U.S. Troops Were Supposed To Leave Afghanistan on May 1. Biden Will Keep Them There Until September.
After nearly 20 years, America's longest war could soon be over. But delaying withdrawal for what seems like symbolic reasons is questionable.
President Joe Biden will force some 3,000 American troops to spend an additional four months risking their lives in Afghanistan seemingly in the name of symbolism.
The White House now plans to withdraw the last American troops from Afghanistan on September 11 of this year, The New York Times and other outlets reported Tuesday, rather than holding to the May 1 deadline established by the Trump administration last year. That May 1 deadline was the result of peace negotiations with the Taliban, and the Times noted that the new plan risks "an increase in violence—which the Taliban have threatened if the United States kept troops beyond May 1."
Ah, but a little more violence is nothing compared to the allure of a symbolic withdrawal on the 20th anniversary of the terrorist attacks that drew America into its longest-ever war in the first place, right?
Absent from the White House's explanation for the change in plans—delivered to the media via unnamed officials, naturally—is any discussion of what will be accomplished by keeping American troops on the ground in Afghanistan for an extra 134 days after May 1. What critical national security goals has the military been unable to achieve in the past 19-and-a-half years that will suddenly be within reach this summer? There are ongoing worries that the barely functional government in Kabul will collapse as soon as the American military is gone, but is there any reason to believe that that is any less likely to happen in September than it is in May? If so, White House and Pentagon officials should articulate those reasons.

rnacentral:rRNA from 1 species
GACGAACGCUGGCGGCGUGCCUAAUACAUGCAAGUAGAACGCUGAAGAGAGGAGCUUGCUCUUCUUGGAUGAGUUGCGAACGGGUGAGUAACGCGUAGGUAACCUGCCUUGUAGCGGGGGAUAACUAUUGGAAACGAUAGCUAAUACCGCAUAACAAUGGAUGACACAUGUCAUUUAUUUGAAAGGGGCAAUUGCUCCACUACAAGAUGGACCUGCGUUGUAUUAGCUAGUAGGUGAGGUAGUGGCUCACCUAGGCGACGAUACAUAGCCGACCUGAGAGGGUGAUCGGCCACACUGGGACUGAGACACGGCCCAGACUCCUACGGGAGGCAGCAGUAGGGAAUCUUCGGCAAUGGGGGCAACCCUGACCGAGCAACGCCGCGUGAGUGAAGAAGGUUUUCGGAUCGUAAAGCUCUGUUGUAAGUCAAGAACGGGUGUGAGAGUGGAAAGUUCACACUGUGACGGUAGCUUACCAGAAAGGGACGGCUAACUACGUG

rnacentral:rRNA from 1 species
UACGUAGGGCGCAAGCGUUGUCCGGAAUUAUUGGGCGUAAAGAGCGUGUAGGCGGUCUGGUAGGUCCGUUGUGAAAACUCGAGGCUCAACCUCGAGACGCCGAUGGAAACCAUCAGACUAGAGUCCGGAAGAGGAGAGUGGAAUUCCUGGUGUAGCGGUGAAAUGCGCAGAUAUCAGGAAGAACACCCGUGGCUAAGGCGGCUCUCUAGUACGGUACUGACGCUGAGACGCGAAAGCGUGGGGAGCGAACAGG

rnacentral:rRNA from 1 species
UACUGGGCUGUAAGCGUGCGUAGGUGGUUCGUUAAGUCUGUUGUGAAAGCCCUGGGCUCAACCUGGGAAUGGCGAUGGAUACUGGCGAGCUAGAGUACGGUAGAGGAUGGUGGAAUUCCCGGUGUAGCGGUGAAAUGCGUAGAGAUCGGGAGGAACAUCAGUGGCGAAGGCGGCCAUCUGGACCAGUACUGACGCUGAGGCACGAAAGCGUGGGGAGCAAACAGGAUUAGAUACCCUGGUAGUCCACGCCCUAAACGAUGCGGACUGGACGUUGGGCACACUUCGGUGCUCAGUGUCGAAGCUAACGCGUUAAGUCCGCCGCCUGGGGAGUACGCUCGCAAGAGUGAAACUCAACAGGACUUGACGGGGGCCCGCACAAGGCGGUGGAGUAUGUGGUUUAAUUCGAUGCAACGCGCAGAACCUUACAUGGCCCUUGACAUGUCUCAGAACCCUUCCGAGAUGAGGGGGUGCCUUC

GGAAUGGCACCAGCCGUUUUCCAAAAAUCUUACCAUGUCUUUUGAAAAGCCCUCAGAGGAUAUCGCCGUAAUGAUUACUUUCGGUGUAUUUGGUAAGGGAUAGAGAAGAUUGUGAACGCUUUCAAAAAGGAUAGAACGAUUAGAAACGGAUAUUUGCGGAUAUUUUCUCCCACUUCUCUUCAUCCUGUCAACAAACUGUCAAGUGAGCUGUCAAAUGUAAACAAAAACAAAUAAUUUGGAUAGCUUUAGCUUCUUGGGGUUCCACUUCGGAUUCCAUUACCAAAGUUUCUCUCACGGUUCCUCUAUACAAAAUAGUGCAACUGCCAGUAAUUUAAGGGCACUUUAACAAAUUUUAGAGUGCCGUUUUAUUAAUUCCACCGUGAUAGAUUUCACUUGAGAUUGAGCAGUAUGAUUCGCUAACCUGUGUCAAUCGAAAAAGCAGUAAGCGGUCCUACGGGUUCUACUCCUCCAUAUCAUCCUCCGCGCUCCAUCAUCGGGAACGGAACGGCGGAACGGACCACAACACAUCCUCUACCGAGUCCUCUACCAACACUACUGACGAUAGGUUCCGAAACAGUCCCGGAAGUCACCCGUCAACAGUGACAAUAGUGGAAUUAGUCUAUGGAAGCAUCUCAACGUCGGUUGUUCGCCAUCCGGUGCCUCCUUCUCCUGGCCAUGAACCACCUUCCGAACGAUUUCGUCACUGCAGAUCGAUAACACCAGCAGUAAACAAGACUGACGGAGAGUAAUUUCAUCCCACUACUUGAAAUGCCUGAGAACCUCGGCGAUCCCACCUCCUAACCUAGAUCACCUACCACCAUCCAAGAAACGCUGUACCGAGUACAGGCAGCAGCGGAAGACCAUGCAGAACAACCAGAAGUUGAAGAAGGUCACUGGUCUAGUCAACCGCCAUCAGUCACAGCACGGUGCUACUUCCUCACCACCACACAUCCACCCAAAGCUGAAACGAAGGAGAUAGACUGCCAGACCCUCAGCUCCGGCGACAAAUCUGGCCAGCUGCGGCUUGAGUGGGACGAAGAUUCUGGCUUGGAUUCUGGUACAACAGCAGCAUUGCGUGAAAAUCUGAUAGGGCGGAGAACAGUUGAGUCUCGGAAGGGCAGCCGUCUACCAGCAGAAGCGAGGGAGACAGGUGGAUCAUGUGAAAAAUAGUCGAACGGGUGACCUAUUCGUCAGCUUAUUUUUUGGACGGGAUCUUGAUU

If not, this looks like a foolish strategic decision that invites conflict. After all, what would American military officials say and do if the Taliban suddenly reneged on its side of the Doha Agreement for a purely figurative goal.
About the only good thing to be said about Tuesday's announcement is that it does contain a certain end date for the withdrawal of American troops. Maintaining a commitment to ending the war and bringing the troops home should be of the utmost importance.
Unfortunately, the delay is already creating openings for advocates of neverending war. John Bolton, the former George W. Bush and Donald Trump advisor and physical embodiment of the reckless interventionism that has defined the past two decades of U.S. foreign policy, responded to Tuesday's announcement by tweeting that "a full unconditional retreat of U.S. forces from Afghanistan is reckless." Leaving Afghanistan means "the Afghan government will likely fall, & terrorists will enjoy a resurgence threatening America," Bolton wrote.
A four-month delay in withdrawing U.S. forces means four more months for the Biden administration to be swayed into staying even longer.
"Biden should provide the Taliban and critics at home who could try to be spoilers with clear signal that we are definitely on the way out—and that no new conditions are being applied," wrote Will Ruger, the vice president for policy at the Charles Koch Institute who had been nominated by Trump to be the next ambassador to Afghanistan (Ruger was never confirmed and his nomination was returned by the Senate in January). "It would be an unnecessary shame for even one more American to die in this conflict."
More than 2,300 Americans have died in Afghanistan since the war began, and the Biden administration seems willing to add a few more lives to that grim tally just so we can all enjoy the poetic symmetry of historical occasions. I'm sure that will bring comfort to the families and friends of any American soldiers that might be killed in June, July, or August.